What will happen to UK house prices? Factors that could affect the market in the next few months
What will happen to UK house prices? Factors that could affect the market in the next few months
iMoney asked property professionals and industry observers for their thoughts on the factors that could affect the housing market in the next few months
A near-deserted Warwick town centre as the UK continues in lockdown to help curb the spread of the coronavirus. PA Photo. Picture date: Sunday May 3, 2020. See PA story HEALTH Coronavirus. Photo credit should read: Jacob King/PA Wire
The most significant driver of house sales over the last few months has been a temporary tax break, which initially began in July, and was extended in March (Photo: PA Wire/Jacob King)
By Alys Key
With UK house prices reaching another record high in April, buyers, sellers, and agents are all quietly pondering the same question: can the numbers keep going up?
The pandemic has created a year of rollercoaster developments for the market, and this month it looks very different than it did in May last year, when just a handful of sales went through. Things have changed a lot since then. In-person viewings are possible, small-deposit mortgages are back on the market, and the reopening of shops and services is shaking the economy back to life.
To try and make sense of it all, iMoney cast the net wide, asking property professionals and industry observers for their thoughts on the factors that could affect the housing market in the next few months.
The most significant driver of house sales over the last few months has been a temporary tax break, which initially began in July, and was extended in March.
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Stamp Duty Holiday winding down
The threshold at which Stamp Duty is paid will therefore remain £500,000 until the end of June. It will then taper off, with a £250,000 limit from July to the end of September, and then a return to the normal £125,000 in October.
The suspension of the levy has been identified as the primary reason behind rapid house price growth. Its gradual wind-down is an attempt to avoid any shocks to the market, but there are still fears that its withdrawal will cause a dip.
“The honeymoon won’t go on forever,” said Guy Harrington, chief executive of residential lender Glenhawk.
“The longer the current unsustainable levels of house price growth continues, the sharper and more painful the eventual correction will be. The stamp duty holiday and higher household savings because of the restrictions might paint a positive picture till Autumn, but we will see reality set in once the support schemes end and the scale of slowdown then might catch many by surprise.”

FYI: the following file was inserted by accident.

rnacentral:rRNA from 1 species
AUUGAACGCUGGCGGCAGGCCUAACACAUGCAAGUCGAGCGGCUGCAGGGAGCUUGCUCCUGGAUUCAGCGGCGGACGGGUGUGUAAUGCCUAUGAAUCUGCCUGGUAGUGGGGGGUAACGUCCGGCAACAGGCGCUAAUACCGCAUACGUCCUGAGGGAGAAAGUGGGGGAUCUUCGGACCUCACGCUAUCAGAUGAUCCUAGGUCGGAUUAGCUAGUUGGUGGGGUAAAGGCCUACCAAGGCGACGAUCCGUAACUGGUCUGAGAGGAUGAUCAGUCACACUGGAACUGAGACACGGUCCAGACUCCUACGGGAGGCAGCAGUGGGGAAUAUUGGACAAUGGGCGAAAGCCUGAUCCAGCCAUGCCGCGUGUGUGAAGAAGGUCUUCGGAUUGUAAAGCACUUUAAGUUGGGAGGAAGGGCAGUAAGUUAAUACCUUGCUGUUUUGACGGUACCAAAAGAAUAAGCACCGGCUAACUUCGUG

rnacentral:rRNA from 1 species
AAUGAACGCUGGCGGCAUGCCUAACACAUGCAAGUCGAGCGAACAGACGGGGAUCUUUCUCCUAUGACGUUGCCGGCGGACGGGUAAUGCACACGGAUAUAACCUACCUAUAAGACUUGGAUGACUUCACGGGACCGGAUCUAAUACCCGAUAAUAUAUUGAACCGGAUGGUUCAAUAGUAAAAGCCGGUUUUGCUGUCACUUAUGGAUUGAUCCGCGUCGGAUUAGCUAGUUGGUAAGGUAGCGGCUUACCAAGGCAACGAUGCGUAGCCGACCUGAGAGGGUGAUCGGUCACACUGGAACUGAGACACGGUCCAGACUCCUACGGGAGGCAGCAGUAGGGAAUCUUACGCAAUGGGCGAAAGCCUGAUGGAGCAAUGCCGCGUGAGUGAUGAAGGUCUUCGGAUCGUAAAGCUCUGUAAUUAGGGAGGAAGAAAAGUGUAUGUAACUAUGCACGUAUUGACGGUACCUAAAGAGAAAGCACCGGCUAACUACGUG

Mortgage guarantee scheme
Last month saw the reintroduction of mortgages to the market requiring deposits of just 5 per cent. It was the first time many had been available since the coronavirus pandemic struck, and the reason most of them returned to sale was because of a new Government guarantee scheme for the low-deposit mortgages.
Alex Hammond, director of consultancy Unlocking Property, said the timing of the scheme is welcome as it “should go some way to counteract the ending of the stamp duty holiday, which I see as having a larger impact on the market”.
The scheme is open to participating lenders offering new 95 per cent mortgages until 31 December 2022. But the Government is presumably hoping the economy will have sufficiently recovered for banks and building societies to continue offering the products on their own once it closes, helping to support demand for homes.
However Kaan Emin, mortgage and protection adviser and director at Apply Mortgages, said the effect of this low-cost borrowing on house prices will be limited: “It will provide new options for individuals who do not have a large deposit but have strong income. What people need to understand is that a 5 per cent deposit option was always available pre-pandemic all they have done is re-introduced these products back on the market and provided Government support to the banks to enrol these products again.”
Perhaps one of the most lasting effects of the pandemic will be on the shape of the housing market as a whole. With remote working a more feasible option, buyers feel able to stomach longer commute times than they previously would.
Analysis from The Resolution Foundation over the weekend found that this has prompted a ‘race for space’ in some of the UK’s least populated areas. Since February 2020, prices have jumped by more than 10 per cent in the least dense tenth of local authorities in the UK, compared to 6 per cent in populous city areas.
Additionally, there could be more room for growth in many areas. Recent research from Warwick Estates found that, although the market is booming, it has yet to return to pre-financial crisis highs when you take inflation into account.
A few pockets sit above their pre-crash highs: London, East of England and South East. But everywhere else is still below 2007 prices on an inflation-adjusted basis, with the biggest gap seen in the North East were prices are down 29 per cent with the inflationary effect accounted for.
Meanwhile, the ‘race for space’ is also prompting more buyers to turn their aspirations towards what might normally be thought of as second-stepper homes.